So, it’s Pitch Wars time! I’ve decided to enter my WIP because I believe I’ve revised this manuscript to the moon and back, and I’d love to make it all the way to Pluto (still a planet in both my heart, and my MC’s). I am also here for the community, and people have been all kinds of wonderful and helpful. I’m excited to submit, but I’ve also been loving the support and reading about my fellow hopefuls!

About my WIP

My novel, Eldora, is a YA Sci-Fi Fantasy about a teenage girl who is not at all excited to be part of a great adventure. Eldora thinks she’s too young for all the demands the universe seems to have for her. She’s not too keen on helping out the saggy aliens that abduct her from Earth, nor the arrangement they try to force her into after that. Eldora has no desire to risk her life for people she’s never met before. Even when The Fated–the organization that abducted her–tells her she’s the mortal reincarnation of the universe. Especially when they treat her like an object.

She’s something called the Essence. Powers include understanding all languages and sensing when something alive is close to her. One day she hopes she’ll be able to fly, or shoot lasers out of her eyes. Y’know, stuff she could actually use to protect herself. Or even aid her escape from The Fated.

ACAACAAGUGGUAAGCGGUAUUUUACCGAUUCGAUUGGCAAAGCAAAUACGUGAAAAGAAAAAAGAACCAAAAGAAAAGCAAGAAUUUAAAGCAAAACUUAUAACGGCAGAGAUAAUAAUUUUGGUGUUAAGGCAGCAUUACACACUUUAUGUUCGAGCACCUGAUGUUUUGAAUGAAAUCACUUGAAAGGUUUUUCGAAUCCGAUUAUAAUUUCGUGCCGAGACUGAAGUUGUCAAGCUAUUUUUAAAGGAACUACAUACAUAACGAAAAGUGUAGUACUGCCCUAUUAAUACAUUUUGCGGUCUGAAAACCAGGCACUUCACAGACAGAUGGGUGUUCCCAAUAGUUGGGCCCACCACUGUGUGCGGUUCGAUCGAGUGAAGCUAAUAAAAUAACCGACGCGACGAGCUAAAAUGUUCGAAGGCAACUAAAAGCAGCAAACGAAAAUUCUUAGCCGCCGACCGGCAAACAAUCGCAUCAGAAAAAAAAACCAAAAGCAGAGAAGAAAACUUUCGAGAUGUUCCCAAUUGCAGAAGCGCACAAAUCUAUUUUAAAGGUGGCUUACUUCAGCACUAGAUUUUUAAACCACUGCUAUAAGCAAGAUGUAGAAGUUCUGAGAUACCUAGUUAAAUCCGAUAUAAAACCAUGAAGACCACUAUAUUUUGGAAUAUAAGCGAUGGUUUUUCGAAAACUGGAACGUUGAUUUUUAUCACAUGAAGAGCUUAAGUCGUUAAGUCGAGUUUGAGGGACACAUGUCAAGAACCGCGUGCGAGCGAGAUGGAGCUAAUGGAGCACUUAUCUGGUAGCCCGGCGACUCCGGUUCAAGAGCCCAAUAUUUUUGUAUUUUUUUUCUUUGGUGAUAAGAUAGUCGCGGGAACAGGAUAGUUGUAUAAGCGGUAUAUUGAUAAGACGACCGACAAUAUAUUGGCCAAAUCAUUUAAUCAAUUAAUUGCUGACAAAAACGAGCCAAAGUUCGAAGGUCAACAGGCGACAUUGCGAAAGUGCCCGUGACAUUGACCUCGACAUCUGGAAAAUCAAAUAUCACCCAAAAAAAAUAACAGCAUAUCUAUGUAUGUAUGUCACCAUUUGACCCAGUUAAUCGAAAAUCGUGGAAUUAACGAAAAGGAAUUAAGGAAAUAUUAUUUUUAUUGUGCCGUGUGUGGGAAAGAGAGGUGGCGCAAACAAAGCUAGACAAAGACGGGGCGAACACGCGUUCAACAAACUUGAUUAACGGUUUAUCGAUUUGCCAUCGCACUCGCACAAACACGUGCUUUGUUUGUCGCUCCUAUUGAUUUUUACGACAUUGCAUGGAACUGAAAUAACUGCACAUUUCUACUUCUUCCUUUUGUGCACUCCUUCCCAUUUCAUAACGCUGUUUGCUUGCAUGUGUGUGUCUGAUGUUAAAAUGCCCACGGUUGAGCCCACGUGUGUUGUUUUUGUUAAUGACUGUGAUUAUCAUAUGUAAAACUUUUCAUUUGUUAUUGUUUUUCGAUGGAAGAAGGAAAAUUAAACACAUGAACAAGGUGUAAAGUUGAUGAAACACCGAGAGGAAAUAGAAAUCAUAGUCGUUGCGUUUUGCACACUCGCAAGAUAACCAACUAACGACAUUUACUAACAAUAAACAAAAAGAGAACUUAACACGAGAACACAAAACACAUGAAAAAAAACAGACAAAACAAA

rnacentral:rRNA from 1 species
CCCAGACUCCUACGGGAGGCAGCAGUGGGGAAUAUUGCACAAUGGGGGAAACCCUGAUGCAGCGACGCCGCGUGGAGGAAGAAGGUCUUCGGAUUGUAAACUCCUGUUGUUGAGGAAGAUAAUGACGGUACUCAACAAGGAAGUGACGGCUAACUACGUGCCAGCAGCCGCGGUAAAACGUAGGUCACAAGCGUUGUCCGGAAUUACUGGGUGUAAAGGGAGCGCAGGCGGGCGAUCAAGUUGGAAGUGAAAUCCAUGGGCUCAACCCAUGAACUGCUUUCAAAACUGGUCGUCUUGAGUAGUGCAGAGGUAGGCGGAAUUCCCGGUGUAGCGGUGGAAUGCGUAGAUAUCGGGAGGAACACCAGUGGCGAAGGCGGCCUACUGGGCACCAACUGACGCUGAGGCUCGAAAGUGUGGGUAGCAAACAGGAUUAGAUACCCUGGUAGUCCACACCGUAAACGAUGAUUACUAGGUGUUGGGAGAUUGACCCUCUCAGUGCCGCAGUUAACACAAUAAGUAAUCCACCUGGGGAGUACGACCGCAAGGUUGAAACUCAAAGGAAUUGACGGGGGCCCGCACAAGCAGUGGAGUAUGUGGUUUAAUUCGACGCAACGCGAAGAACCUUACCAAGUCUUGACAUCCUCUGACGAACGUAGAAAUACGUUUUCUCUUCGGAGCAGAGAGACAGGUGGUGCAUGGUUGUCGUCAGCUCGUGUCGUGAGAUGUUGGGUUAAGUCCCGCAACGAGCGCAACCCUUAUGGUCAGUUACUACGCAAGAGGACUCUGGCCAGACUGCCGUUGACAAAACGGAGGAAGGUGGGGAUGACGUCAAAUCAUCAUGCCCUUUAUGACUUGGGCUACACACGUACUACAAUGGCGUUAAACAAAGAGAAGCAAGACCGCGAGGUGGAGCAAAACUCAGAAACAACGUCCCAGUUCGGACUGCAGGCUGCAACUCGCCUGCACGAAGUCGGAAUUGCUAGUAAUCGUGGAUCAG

When she escapes her abductors and explores the universe, she travels through jungles, deserts and ship hangars. Eldora sees worlds and meets people that make her understand what she endangered when she chose to run. She laughs at the funny, screams at the unfamiliar and occasionally stabs both with her sword.

Eldora’s not perfect. She’ll be the first person to say it. In fact, she struggles throughout the entire story with her warring selfishness and empathy for others. But she puts value on herself, even when those around her say she isn’t more than a bargaining tool. She’s sarcastic, slippery and uses humor to cope with constant danger. Eldora isn’t completely confident in what she’s doing, but she’s not going to let that stop her from fighting for herself.

About Me

  • My name is Magali Blasdell
  • My initials are M.A.P.B. Hence, M.A.P. as a pen name
  • I’m getting ahead of myself with the pen name
  • I’m the youngest of two
  • Studying English in college
  • Have just finished my second novel-length project (eep!)
  • It may be a mess, but it’s my mess
  • Lo-Fi music is an absolute gift
  • I can fly in my dreams
  • If I nap, my mind makes sure I have to run for my life
  • ūüáĶūüá∑ w/a dash of unknown European origin
  • I once made a music video where I cropped pictures of hedgehogs and put them into family photos

About Both